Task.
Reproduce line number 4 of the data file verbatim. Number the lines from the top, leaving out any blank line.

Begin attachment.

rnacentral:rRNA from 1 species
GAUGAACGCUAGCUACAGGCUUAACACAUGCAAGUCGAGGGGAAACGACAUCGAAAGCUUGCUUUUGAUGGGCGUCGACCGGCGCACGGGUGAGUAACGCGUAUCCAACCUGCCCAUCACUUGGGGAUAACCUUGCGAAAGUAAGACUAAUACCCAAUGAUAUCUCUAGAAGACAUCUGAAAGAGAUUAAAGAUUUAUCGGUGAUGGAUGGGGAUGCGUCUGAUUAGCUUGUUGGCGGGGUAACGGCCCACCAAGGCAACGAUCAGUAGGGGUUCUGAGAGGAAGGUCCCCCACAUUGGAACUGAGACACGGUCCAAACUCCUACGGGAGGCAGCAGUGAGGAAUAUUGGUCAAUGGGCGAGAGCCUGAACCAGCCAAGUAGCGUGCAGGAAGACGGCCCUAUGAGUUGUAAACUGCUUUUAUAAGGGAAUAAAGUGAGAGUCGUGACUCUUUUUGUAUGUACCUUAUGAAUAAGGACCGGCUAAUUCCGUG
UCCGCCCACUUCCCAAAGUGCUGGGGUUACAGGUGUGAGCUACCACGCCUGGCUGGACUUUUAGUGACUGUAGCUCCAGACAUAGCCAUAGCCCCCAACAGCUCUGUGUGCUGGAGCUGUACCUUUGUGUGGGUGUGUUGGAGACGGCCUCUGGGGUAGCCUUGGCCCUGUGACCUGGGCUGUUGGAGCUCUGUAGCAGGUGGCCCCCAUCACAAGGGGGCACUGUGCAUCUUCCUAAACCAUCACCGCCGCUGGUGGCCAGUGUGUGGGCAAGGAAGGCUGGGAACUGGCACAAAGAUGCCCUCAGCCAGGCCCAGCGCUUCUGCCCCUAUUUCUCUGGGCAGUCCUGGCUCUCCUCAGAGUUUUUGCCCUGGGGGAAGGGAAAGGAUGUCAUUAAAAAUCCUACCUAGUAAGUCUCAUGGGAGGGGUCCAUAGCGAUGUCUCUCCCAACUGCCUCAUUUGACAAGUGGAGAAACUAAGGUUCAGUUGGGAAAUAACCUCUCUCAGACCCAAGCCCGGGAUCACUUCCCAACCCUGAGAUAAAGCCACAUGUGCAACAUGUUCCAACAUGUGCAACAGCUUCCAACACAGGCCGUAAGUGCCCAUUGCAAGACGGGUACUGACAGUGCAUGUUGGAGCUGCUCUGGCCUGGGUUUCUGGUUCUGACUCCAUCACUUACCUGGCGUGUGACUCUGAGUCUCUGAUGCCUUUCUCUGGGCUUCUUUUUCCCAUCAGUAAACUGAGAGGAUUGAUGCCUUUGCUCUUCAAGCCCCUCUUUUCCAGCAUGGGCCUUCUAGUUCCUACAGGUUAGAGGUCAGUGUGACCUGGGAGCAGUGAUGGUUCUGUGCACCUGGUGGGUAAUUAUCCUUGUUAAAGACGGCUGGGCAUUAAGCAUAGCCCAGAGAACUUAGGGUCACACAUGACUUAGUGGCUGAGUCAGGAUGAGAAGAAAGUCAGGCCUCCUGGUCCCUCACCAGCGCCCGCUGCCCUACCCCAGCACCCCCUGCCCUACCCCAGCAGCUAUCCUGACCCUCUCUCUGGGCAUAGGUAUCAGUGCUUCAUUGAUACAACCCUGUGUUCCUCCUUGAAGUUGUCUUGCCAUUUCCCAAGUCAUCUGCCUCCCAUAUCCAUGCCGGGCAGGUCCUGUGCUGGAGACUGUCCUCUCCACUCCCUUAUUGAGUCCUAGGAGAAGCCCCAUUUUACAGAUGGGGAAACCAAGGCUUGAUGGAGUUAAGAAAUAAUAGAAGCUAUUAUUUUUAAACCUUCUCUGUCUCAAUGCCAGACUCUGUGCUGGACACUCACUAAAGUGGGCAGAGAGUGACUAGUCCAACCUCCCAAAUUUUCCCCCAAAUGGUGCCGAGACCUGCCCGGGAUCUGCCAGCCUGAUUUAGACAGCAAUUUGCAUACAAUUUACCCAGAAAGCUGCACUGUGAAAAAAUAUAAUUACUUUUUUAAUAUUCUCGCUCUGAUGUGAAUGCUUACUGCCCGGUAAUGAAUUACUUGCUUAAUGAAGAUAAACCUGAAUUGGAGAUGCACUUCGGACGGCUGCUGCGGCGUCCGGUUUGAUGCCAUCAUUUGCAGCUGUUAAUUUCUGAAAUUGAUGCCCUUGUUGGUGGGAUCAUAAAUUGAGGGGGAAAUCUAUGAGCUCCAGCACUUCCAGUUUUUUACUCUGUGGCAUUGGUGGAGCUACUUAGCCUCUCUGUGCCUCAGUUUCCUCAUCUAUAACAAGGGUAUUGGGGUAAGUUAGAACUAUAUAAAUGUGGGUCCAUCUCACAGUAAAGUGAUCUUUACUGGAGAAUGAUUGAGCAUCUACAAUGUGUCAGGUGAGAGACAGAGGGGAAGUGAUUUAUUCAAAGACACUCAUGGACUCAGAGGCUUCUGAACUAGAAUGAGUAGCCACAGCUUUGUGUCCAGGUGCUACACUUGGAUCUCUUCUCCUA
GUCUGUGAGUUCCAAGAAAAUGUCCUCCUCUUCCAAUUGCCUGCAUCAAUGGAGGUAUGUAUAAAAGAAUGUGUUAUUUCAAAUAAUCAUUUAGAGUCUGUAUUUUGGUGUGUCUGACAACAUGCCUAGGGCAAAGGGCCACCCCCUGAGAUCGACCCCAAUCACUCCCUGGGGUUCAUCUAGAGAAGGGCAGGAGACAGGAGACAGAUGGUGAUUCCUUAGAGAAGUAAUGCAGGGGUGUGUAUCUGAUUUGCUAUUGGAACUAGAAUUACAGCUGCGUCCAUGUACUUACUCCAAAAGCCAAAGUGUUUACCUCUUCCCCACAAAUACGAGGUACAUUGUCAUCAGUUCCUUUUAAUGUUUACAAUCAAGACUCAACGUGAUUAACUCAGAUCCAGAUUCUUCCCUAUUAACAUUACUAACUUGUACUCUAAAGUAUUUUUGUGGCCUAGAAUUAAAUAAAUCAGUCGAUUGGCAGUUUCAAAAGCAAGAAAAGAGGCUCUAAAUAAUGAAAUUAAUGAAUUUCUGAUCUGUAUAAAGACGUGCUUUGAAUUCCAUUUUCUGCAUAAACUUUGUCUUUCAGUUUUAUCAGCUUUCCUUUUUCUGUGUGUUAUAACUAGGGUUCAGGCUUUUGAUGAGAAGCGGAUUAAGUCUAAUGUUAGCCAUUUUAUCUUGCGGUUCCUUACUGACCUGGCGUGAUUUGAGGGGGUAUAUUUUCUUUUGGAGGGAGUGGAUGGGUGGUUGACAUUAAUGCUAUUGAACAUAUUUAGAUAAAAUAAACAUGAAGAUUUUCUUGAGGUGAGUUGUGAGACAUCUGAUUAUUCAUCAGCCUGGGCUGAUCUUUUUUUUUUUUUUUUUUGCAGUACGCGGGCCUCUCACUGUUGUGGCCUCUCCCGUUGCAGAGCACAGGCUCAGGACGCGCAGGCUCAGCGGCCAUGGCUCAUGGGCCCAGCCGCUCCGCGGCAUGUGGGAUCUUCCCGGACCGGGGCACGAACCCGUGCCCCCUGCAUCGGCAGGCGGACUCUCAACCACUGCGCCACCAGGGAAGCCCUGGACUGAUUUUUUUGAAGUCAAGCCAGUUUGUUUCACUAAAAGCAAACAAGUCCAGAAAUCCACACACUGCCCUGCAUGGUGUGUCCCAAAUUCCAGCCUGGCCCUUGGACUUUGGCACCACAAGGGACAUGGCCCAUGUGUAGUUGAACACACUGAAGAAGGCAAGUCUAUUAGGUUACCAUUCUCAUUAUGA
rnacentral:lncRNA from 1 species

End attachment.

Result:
GUCUGUGAGUUCCAAGAAAAUGUCCUCCUCUUCCAAUUGCCUGCAUCAAUGGAGGUAUGUAUAAAAGAAUGUGUUAUUUCAAAUAAUCAUUUAGAGUCUGUAUUUUGGUGUGUCUGACAACAUGCCUAGGGCAAAGGGCCACCCCCUGAGAUCGACCCCAAUCACUCCCUGGGGUUCAUCUAGAGAAGGGCAGGAGACAGGAGACAGAUGGUGAUUCCUUAGAGAAGUAAUGCAGGGGUGUGUAUCUGAUUUGCUAUUGGAACUAGAAUUACAGCUGCGUCCAUGUACUUACUCCAAAAGCCAAAGUGUUUACCUCUUCCCCACAAAUACGAGGUACAUUGUCAUCAGUUCCUUUUAAUGUUUACAAUCAAGACUCAACGUGAUUAACUCAGAUCCAGAUUCUUCCCUAUUAACAUUACUAACUUGUACUCUAAAGUAUUUUUGUGGCCUAGAAUUAAAUAAAUCAGUCGAUUGGCAGUUUCAAAAGCAAGAAAAGAGGCUCUAAAUAAUGAAAUUAAUGAAUUUCUGAUCUGUAUAAAGACGUGCUUUGAAUUCCAUUUUCUGCAUAAACUUUGUCUUUCAGUUUUAUCAGCUUUCCUUUUUCUGUGUGUUAUAACUAGGGUUCAGGCUUUUGAUGAGAAGCGGAUUAAGUCUAAUGUUAGCCAUUUUAUCUUGCGGUUCCUUACUGACCUGGCGUGAUUUGAGGGGGUAUAUUUUCUUUUGGAGGGAGUGGAUGGGUGGUUGACAUUAAUGCUAUUGAACAUAUUUAGAUAAAAUAAACAUGAAGAUUUUCUUGAGGUGAGUUGUGAGACAUCUGAUUAUUCAUCAGCCUGGGCUGAUCUUUUUUUUUUUUUUUUUUGCAGUACGCGGGCCUCUCACUGUUGUGGCCUCUCCCGUUGCAGAGCACAGGCUCAGGACGCGCAGGCUCAGCGGCCAUGGCUCAUGGGCCCAGCCGCUCCGCGGCAUGUGGGAUCUUCCCGGACCGGGGCACGAACCCGUGCCCCCUGCAUCGGCAGGCGGACUCUCAACCACUGCGCCACCAGGGAAGCCCUGGACUGAUUUUUUUGAAGUCAAGCCAGUUUGUUUCACUAAAAGCAAACAAGUCCAGAAAUCCACACACUGCCCUGCAUGGUGUGUCCCAAAUUCCAGCCUGGCCCUUGGACUUUGGCACCACAAGGGACAUGGCCCAUGUGUAGUUGAACACACUGAAGAAGGCAAGUCUAUUAGGUUACCAUUCUCAUUAUGA